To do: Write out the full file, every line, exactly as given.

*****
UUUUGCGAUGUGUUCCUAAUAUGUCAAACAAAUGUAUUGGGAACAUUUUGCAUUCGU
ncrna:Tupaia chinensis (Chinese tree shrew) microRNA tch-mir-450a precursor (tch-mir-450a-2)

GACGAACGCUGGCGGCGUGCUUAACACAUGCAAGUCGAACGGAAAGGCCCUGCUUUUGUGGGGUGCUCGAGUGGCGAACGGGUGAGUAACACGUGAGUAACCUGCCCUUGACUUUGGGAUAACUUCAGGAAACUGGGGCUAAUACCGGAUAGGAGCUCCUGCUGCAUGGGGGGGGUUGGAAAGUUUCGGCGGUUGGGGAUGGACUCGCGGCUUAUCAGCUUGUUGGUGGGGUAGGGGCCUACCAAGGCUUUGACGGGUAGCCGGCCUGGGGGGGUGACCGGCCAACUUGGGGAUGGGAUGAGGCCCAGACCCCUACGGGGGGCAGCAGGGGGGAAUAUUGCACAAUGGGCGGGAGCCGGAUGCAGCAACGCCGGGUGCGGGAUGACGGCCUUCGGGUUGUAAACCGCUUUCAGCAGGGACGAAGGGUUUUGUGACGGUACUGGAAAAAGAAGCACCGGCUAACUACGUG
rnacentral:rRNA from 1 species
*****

UUUUGCGAUGUGUUCCUAAUAUGUCAAACAAAUGUAUUGGGAACAUUUUGCAUUCGU
ncrna:Tupaia chinensis (Chinese tree shrew) microRNA tch-mir-450a precursor (tch-mir-450a-2)

GACGAACGCUGGCGGCGUGCUUAACACAUGCAAGUCGAACGGAAAGGCCCUGCUUUUGUGGGGUGCUCGAGUGGCGAACGGGUGAGUAACACGUGAGUAACCUGCCCUUGACUUUGGGAUAACUUCAGGAAACUGGGGCUAAUACCGGAUAGGAGCUCCUGCUGCAUGGGGGGGGUUGGAAAGUUUCGGCGGUUGGGGAUGGACUCGCGGCUUAUCAGCUUGUUGGUGGGGUAGGGGCCUACCAAGGCUUUGACGGGUAGCCGGCCUGGGGGGGUGACCGGCCAACUUGGGGAUGGGAUGAGGCCCAGACCCCUACGGGGGGCAGCAGGGGGGAAUAUUGCACAAUGGGCGGGAGCCGGAUGCAGCAACGCCGGGUGCGGGAUGACGGCCUUCGGGUUGUAAACCGCUUUCAGCAGGGACGAAGGGUUUUGUGACGGUACUGGAAAAAGAAGCACCGGCUAACUACGUG
rnacentral:rRNA from 1 species